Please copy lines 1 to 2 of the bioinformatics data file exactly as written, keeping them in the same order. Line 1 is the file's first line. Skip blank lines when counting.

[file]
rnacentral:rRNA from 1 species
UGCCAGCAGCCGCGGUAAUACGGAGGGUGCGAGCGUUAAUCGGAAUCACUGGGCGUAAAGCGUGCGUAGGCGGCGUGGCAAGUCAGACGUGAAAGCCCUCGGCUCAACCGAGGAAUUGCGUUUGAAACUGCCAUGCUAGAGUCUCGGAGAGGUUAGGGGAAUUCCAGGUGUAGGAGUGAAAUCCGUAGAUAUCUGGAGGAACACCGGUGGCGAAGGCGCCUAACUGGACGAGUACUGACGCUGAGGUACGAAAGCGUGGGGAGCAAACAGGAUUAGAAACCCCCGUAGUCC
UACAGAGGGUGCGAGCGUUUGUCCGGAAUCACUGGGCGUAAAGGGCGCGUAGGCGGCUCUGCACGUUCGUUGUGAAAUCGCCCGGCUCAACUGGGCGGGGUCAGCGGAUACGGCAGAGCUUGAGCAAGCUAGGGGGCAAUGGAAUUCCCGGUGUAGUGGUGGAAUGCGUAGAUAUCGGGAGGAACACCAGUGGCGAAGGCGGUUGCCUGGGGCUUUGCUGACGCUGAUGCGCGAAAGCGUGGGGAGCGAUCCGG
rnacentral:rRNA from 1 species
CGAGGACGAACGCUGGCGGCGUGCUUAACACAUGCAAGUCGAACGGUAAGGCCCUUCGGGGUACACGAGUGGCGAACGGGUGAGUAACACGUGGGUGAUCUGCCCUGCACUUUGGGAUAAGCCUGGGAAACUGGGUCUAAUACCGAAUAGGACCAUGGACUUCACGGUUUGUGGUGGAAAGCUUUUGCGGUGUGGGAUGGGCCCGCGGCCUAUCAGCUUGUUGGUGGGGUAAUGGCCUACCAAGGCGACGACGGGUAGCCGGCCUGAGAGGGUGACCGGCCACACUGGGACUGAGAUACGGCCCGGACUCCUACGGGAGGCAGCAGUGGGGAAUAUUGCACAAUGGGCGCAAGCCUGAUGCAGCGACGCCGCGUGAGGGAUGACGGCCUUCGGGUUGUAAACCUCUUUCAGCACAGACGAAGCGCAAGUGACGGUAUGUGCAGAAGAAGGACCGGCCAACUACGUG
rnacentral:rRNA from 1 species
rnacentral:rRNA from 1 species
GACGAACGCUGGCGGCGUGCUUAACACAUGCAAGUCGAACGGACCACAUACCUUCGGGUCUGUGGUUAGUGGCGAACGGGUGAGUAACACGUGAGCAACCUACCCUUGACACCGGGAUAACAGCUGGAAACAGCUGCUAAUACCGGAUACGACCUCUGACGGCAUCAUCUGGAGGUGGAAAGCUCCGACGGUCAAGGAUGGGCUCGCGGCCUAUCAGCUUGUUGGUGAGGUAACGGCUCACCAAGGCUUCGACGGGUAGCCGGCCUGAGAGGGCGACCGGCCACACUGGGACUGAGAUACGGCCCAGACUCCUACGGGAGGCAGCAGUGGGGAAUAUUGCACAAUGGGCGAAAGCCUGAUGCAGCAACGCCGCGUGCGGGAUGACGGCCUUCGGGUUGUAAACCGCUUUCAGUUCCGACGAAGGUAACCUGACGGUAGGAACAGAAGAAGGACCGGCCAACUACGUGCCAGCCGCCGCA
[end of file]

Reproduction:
rnacentral:rRNA from 1 species
UGCCAGCAGCCGCGGUAAUACGGAGGGUGCGAGCGUUAAUCGGAAUCACUGGGCGUAAAGCGUGCGUAGGCGGCGUGGCAAGUCAGACGUGAAAGCCCUCGGCUCAACCGAGGAAUUGCGUUUGAAACUGCCAUGCUAGAGUCUCGGAGAGGUUAGGGGAAUUCCAGGUGUAGGAGUGAAAUCCGUAGAUAUCUGGAGGAACACCGGUGGCGAAGGCGCCUAACUGGACGAGUACUGACGCUGAGGUACGAAAGCGUGGGGAGCAAACAGGAUUAGAAACCCCCGUAGUCC